China-Biotics' 2009 Revenue Is $70M Off

May.15.11 | About: China-Biotics, Inc. (CHBT)

When comparing US and Chinese filings, China-Biotics' (OTC:CHBT) 2009 revenue appears to be 70 million dollars off.

China-Biotics' subsidiary filed its audited numbers with Chinese government agencies last year, including the Shanghai Administration for Industry and Commerce (SHAIC, 上海市工商行政管理局制). The 2009 official documents are now available.1

In brief, total revenue for 2009 as claimed in China was 3,440,950 RMB … which is approximately $530,000 USD. For the same time period, China-Biotics claimed revenue of $71,376,507 USD in its SEC filings (March 31, 2010 10k).2 This is a difference of more than $70,000,000 dollars.

China-Biotics' revenue generating subsidiary in China during that time was 上海双金生物科技有限公司, filed in SEC documents as "Shanghai Shining Biotechnology Co.Ltd." ("Shanghai Shining"). The other relevant subsidiary in China during this time period was Growing Bioengineering (Shanghai) Co. Ltd., located in Qingpu. Operations did not begin for its facility until February 2010.

But even if there were other revenue generating subsidiaries, Shanghai Shining's "flagship" product "Shining Essence" -- all by itself -- sends its revenue into the stratosphere, according to documents filed in the SEC (March 2010 10-k).

We launched Shining Essence in Shanghai in April 2001, and it [sic] currently our best-selling product. Sales of Shining Essence represent approximately 29% of our total sales for the year ended March 31, 2010...

If so, 2009 revenue for Shining Essence alone would be over $20,000,000 USD, squashing the $530,000 USD claimed in China.

Do we have a serious conflict between Chinese and US revenue claims? At this point in China-Biotics' story, we have a forensic question and not a financial one. Imagine that someone is murdered -- hit over the head with an accounting book. Columbo arrives but the chief stops him at the door, "Sorry. You can't solve this one, You're not an accountant." We're in a similar situation. At this point we are not yet concerned with China-Biotics' finances, as claimed; we are concerned with a physical verification of a conflict underlying and taking priority over this claim. Is the conflict real? If the conflict is real, then it is meaningless to work with the reported numbers.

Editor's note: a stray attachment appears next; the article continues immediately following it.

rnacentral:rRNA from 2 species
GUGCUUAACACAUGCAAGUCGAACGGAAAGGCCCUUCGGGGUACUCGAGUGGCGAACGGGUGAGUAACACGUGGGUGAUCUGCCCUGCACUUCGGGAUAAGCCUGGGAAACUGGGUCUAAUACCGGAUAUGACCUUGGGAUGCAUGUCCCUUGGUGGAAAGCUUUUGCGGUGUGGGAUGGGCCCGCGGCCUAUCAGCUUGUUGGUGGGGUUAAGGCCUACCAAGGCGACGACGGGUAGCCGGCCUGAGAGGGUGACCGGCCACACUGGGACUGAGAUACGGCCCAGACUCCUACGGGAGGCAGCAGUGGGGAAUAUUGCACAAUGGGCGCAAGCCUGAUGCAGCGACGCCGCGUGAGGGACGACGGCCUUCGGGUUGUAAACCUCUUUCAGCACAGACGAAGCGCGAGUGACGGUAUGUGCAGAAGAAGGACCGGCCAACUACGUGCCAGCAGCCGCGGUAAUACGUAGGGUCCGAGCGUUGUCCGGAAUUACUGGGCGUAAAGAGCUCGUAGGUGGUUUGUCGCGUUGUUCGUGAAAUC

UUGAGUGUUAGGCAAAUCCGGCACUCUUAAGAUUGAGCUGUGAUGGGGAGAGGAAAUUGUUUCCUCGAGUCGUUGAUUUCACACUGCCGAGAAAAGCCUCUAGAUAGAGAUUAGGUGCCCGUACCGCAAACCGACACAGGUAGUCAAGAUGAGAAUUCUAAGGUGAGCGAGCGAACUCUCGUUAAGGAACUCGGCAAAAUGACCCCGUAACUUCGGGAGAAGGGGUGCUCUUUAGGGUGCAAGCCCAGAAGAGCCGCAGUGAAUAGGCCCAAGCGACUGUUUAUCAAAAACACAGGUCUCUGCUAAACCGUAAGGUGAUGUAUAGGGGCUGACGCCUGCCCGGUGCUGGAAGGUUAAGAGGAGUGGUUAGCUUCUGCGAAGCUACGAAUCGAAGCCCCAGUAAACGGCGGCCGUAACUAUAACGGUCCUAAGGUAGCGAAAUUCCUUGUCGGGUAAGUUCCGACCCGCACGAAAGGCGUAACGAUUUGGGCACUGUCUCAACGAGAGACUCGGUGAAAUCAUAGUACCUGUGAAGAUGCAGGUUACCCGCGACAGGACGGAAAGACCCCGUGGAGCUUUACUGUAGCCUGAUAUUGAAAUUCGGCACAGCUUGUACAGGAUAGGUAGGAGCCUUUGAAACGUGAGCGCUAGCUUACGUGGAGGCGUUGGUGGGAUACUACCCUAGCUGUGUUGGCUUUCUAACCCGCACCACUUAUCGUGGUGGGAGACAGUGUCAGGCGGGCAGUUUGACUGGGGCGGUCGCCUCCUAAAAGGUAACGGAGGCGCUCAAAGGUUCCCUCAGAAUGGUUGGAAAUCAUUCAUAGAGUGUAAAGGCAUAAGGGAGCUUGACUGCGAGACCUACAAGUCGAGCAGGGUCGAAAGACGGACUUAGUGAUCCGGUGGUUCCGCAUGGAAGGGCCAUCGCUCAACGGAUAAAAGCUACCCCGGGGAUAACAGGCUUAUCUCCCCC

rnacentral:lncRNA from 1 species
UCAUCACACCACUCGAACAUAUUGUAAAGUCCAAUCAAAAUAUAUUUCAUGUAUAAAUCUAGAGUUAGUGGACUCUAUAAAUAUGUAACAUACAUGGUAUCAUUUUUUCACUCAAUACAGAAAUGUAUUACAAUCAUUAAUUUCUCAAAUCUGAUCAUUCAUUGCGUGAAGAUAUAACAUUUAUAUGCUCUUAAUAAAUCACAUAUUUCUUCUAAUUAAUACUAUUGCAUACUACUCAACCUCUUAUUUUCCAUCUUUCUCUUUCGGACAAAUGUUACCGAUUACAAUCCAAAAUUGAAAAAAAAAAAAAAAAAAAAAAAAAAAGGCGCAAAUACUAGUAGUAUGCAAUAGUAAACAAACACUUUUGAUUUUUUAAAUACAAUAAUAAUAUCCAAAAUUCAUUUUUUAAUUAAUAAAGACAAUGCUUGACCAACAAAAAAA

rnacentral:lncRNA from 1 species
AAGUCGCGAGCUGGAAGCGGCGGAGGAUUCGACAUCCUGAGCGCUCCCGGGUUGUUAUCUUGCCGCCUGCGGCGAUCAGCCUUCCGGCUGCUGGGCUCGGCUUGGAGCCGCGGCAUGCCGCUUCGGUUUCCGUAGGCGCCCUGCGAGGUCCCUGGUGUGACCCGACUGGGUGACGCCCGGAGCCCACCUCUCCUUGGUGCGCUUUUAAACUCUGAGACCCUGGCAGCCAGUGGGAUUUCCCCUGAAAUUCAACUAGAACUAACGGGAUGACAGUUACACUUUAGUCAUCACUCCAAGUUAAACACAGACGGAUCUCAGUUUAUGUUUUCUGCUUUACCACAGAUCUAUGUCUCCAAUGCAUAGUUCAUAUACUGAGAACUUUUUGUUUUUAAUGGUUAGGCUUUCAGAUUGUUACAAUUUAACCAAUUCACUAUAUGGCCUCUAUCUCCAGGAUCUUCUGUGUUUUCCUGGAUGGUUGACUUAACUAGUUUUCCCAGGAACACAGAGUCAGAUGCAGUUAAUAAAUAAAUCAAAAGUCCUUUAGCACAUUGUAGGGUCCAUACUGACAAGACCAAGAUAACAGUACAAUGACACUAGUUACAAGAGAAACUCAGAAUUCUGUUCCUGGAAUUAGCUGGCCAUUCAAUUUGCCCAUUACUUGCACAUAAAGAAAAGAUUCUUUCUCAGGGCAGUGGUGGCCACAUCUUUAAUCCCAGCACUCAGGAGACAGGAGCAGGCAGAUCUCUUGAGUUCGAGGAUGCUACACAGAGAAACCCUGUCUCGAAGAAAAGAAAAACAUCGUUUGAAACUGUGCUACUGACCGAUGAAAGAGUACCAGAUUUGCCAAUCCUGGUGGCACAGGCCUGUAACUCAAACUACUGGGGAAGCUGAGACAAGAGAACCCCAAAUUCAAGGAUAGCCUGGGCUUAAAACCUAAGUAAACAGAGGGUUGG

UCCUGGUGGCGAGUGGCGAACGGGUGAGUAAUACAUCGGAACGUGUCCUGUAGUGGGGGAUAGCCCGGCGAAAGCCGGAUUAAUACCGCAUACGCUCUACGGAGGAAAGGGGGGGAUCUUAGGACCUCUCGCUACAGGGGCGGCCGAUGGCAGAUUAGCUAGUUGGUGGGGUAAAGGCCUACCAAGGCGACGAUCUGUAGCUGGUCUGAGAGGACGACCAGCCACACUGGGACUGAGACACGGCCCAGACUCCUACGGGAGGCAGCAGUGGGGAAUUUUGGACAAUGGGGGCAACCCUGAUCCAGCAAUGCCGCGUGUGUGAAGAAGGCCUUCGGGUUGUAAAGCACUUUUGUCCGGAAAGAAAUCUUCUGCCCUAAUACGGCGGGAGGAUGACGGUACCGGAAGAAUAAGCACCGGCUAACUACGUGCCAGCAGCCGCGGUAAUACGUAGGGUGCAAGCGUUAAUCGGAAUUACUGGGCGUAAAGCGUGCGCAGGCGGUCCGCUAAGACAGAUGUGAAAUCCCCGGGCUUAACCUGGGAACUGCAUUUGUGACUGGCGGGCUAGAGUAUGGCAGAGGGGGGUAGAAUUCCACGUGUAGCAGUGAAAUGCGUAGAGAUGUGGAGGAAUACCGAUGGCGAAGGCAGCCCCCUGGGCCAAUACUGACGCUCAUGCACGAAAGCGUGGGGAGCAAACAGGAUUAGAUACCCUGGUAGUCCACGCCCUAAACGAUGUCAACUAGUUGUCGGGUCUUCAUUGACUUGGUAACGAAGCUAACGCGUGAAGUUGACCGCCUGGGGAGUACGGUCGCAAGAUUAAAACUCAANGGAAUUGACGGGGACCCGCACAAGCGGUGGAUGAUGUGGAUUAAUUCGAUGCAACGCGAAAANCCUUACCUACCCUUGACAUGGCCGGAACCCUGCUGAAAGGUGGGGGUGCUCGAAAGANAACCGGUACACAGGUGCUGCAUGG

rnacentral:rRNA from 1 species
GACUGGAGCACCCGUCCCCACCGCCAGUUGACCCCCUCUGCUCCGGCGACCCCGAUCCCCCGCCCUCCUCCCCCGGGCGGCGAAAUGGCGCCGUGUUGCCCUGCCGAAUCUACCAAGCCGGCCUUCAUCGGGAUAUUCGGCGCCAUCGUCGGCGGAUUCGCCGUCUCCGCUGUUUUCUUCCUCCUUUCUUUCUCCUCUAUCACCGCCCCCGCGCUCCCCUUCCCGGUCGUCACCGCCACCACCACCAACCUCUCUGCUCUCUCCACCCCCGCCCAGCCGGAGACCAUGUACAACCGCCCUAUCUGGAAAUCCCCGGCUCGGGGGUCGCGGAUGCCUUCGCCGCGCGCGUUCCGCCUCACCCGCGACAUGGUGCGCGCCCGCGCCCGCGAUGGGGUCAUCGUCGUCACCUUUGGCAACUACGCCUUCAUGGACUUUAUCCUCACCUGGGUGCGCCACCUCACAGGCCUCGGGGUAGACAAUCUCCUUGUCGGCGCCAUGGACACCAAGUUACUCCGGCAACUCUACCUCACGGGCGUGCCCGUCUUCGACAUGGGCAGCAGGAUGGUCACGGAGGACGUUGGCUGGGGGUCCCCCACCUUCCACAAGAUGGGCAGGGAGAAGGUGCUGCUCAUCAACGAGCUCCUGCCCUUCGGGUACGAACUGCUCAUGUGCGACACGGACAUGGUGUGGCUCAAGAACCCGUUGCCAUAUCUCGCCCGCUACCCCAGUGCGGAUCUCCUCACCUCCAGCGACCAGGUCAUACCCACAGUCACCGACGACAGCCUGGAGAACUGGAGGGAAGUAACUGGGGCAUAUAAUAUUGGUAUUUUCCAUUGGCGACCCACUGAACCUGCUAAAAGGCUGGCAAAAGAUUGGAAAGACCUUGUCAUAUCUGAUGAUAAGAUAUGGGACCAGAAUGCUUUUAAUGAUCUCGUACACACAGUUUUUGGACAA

I'd like to keep the following presentation as simple and free of interpretation as possible. A fingerprint can be worth a thousand words, and while I don't quite have the equivalent of a fingerprint here, I will get as close as I can to the forensic discipline. I will present the key number -- revenue -- in a way that will allow one to directly observe the evidence and judge for oneself with as few intermediaries as possible.

Two different copies of the 2009 Income Statement arrived through Inter-credit (click to enlarge images):

One with Shanghai Shining's seal (pg. 72)3....

http://www.flickr.com/photos/58346149@N03/5703869104/in/photostream

.. and another copy without the seal (pg. 76)...

http://farm6.static.flickr.com/5261/5703869224_57b5fbb5b6_s.jpg

They are otherwise identical.

Is it Shanghai Shining? Here's a screen shot of the official web site, with the URL -- shiningbt.com -- and Chinese characters for Shanghai Shining at the top of the page.


Note how the company name on the official website matches the name on the official documents received from the Chinese government.

The name on the offical web site match the name on the offical government document

Is this a document from the Shanghai Administration for Industry and Commerce (digital pg. 68)?

(Or, compare the Chinese characters in the official document with the official web site in Chinese. (English web page is here.)

Here is Shanghai Shining revenue for 2009.

Using the Google translator we can verify the Chinese.

  • "一,营业总收入" means "Total Revenue"
  • "利润表" means "Income Statement"
  • "上期金额" means "Previous Period"

You can see a "live" translation here.

"本期金额 " was a little tricky. When side-by-side, Google translates them simply as "amount."4 A more precise translation of this key term can be deduced however. In the 2009 statement, the amount for 上期金额 (Previous Period column) matches the amount for the 本期金额 column in the 2008 statement. It's a bit of a logical pretzel but here goes: What is referred to in this year's statement as last year's number would in last year's statement be this year's number.